Privilege is a funny thing.
The idea of privilege seems to have recently (ish) surfaced as a way to grasp a concept that has been around practically since the dawn of man: some people just have it better than others. Ultimately, privilege has always been and always will be an issue: right down to the genetic level, some people are simply better equipped for certain situations than others. Of course, it’s one thing to be born with biceps more capable of mastodon slaying, and quite another to be born simply “the right color” and have society treat you better as a result. One is a privilege of environment, the other is entirely societally made.
In my own life, my best friend, practically since high school, is a person who grew up, literally, five doors down from my home, went to all the same (pre-college) schools, eventually majored in the same field, played in the same woods, ate at the same restaurants, had at least one parent working in the educational system, and generally has always had a similar, innate inclination toward nerdish pursuits. He’s also a black male of West Indian heritage. I’m, as you may have guessed, white. In just our daily lives, I can see the complete opposite reactions people have to him (scary other) versus me (normal dude, kinda looks like Harry Potter). One particular event springs immediately to mind, and that was a recent incident when a parking lot attendant who hadn’t spoken to me for ten years finally decided to start being Mr. Question Man the minute my friend tried to pull his car (complete with wife and children) into the private lot. “We don’t get many of your kind here.” I never once considered that something I do on a daily basis could be such a hassle, but, here you go, can’t even park your car without being reminded you don’t look exactly like you’re “supposed to”.
But that’s the thing about privilege, practically from the moment you’re born, it becomes an inextricable part of “you”, and nigh-impossible to comprehend from the other side. This (aside from general dickery) is why people get so upset about being indicted with privilege: it is impossible to “accuse” someone of having privilege without, essentially, stating that there is something wrong with someone’s core self. This, taken rationally, is not true at all, but on an emotional level, a “check your privilege” translates to, basically, a “yo mama” joke (“Yo mama is so white she gets served right away at the dining establishment of her choice.”), it’s a disparaging remark at something you can’t change… kinda like racism. To be clear, I’m not saying condemning someone for having privilege is racist (“Isn’t that exactly what you just said?” “Shut-up.”), simply that even accusing someone of having privilege is a touchy subject, because it seems to insult not only the person, but all of that person’s accomplishments, which, theoretically, could have nothing to do with privilege at all. Or, that’s what the privileged like to believe, at least.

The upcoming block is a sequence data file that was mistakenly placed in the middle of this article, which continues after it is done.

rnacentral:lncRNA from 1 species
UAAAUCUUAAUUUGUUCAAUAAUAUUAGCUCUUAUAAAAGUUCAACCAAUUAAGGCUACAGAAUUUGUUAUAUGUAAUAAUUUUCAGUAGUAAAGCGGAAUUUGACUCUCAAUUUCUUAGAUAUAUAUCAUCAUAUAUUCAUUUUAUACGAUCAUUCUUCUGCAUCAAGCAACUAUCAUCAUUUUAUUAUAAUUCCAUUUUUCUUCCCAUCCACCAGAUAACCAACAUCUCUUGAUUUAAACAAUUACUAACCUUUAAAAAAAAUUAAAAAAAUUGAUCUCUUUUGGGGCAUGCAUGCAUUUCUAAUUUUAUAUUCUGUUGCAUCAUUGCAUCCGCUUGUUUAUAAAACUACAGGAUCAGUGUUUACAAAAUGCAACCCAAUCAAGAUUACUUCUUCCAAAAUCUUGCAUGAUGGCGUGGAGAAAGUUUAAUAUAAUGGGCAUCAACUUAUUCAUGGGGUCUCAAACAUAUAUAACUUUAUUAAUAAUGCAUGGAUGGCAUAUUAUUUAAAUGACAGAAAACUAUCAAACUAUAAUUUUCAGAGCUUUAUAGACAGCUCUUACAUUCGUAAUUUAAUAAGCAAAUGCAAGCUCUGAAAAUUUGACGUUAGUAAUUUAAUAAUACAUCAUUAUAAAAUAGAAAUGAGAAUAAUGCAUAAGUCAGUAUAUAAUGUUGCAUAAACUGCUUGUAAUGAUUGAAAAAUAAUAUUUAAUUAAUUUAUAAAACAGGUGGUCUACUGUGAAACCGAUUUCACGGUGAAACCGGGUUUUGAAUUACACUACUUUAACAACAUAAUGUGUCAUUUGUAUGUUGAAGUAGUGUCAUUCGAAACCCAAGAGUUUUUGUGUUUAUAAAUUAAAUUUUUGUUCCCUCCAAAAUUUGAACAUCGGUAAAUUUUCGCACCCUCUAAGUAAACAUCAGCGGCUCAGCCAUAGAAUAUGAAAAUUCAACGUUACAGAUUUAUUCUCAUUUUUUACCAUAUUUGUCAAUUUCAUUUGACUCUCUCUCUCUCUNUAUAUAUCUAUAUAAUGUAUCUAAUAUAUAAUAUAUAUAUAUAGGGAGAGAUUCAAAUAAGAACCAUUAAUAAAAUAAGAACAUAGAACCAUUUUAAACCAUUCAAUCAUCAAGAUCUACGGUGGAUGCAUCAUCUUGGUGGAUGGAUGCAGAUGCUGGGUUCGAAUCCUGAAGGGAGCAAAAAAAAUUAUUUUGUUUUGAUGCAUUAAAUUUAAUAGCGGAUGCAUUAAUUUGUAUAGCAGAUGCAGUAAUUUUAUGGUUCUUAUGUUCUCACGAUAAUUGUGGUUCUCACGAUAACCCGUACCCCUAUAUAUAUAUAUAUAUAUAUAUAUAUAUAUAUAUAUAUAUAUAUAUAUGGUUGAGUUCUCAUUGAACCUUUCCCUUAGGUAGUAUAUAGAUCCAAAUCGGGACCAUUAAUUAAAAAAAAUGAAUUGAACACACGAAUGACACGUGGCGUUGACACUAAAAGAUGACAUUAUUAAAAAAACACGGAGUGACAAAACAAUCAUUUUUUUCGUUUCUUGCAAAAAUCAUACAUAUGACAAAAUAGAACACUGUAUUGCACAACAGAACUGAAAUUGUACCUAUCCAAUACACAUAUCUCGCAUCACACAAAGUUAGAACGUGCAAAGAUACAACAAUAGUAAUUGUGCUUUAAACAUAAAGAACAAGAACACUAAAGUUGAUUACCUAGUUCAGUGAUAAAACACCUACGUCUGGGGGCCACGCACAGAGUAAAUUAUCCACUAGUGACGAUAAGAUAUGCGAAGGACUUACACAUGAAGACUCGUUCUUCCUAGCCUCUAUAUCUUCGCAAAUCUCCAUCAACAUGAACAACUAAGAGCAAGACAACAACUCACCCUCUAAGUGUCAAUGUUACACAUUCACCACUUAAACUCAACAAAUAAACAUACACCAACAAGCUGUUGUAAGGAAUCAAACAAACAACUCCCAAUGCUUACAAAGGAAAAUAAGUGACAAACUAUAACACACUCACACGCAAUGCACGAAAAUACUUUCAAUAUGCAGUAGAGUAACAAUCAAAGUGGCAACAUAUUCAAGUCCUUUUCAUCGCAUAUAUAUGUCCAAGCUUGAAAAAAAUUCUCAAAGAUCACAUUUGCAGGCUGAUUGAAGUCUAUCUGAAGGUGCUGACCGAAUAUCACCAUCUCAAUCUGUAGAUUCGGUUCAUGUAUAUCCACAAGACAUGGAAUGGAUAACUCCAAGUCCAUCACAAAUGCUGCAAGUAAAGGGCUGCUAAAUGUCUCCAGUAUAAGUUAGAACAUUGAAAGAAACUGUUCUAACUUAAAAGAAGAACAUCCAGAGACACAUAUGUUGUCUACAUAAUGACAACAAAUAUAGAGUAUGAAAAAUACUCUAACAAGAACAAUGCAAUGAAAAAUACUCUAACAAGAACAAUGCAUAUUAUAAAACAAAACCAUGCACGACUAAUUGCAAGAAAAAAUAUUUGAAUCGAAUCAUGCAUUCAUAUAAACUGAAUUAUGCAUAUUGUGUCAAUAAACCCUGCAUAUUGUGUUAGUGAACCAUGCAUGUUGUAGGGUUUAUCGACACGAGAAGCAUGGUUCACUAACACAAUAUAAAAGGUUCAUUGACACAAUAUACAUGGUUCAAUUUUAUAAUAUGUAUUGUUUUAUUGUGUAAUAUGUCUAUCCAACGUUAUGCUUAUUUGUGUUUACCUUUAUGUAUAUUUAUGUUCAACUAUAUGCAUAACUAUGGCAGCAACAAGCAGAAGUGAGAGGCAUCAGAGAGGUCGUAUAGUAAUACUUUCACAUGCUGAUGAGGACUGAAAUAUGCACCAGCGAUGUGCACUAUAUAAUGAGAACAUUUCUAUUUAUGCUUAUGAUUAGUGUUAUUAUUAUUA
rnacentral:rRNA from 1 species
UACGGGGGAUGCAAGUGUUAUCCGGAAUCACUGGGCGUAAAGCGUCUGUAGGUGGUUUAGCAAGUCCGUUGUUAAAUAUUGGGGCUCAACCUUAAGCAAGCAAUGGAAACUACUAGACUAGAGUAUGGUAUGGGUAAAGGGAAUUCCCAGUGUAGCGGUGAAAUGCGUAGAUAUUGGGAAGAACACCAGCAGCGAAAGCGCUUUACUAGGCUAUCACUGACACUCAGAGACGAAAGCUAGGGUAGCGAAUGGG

So, all that said, Nintendo is Nintendo because of the privilege of Nintendo Power.
Super Mario Bros. 3, no question, is an amazing game. It also contains, not including wandering Hammer Brothers, 90 levels. There is no save feature, and, from the information within the game itself, I would say that one out of the three “warp whistles” are easily acquired. For the record, I want to say that the warp whistle way the heck at the other end of World 2 is something that an inquisitive player might discover by identifying a weirdly placed rock, but the other two… I wouldn’t expect to find those by accident. Flying up over a ceiling in a fortress sounds easy, but is wildly unintuitive when you consider the layout (and powerups) of a rarely revisited area. And ducking on a white block for the proper number of seconds to hide behind the stage’s foreground? That has never made any sense. Don’t try to tell me Princess Peach’s letter explains everything, either, because that royal pain couldn’t even translate “goomba” properly.
And I don’t remember ever being young enough to believe a video game “move” I saw in a movie would actually work in reality. Screw you, Wizard.
But, despite all this, many of us finished Super Mario Bros. 3 with no problems, because, of course, we had Nintendo Power (or knew someone with Nintendo Power). I think I played Super Mario Bros. 3 “straight” for a whole two weeks before I received the news that I could skip straight ahead to World 9 from World 1. Hell, I still remember being at a friend’s birthday party (and said friend had everything, including that all-important NP subscription), and witnessing the magic of the warp whistles for the first time. Suddenly, a game that could take hours and hours to complete was nothing before an informed player, and Bowser’s defeat was at hand. Super Mario’s world was mine to control.
If you’re paying attention, you’ll notice I’m lauding SMB3 for the ability to skip great swaths of its content. But that’s the thing about video games of the era: due to creators with wildly different design philosophies (and seemingly random advancements in programming), the average player didn’t have a clue how long a game would (or even could) be. If the credits didn’t roll after an hour (or the game didn’t loop back to level one), you were left with an annoying choice: there were no saves (and passwords were not mandatory), so continue on and maybe reach the end, or stop now, and resume on another day when you’re more rested… but will have to complete that same hour of gameplay again. You think “Oh, I have OCD and have to complete the game 100%” is bad today, try the “good” old days of not having a clue what 100% could even be, five levels or ninety.
But Nintendo Power was here for all that. Even if there wasn’t a cheat code to grant invincibility, 30 lives, or level select, there was at least a guide (usually with maps!) that told you what you were in for. Remember that Donkey Kong and Final Fantasy both appeared on the same fledgling system, so a guide to “what the hell is happening” was almost mandatory. Today, we tout “hours and hours of gameplay” as some kind of golden bullet point, but back then, without information on what was coming, that was practically a threat.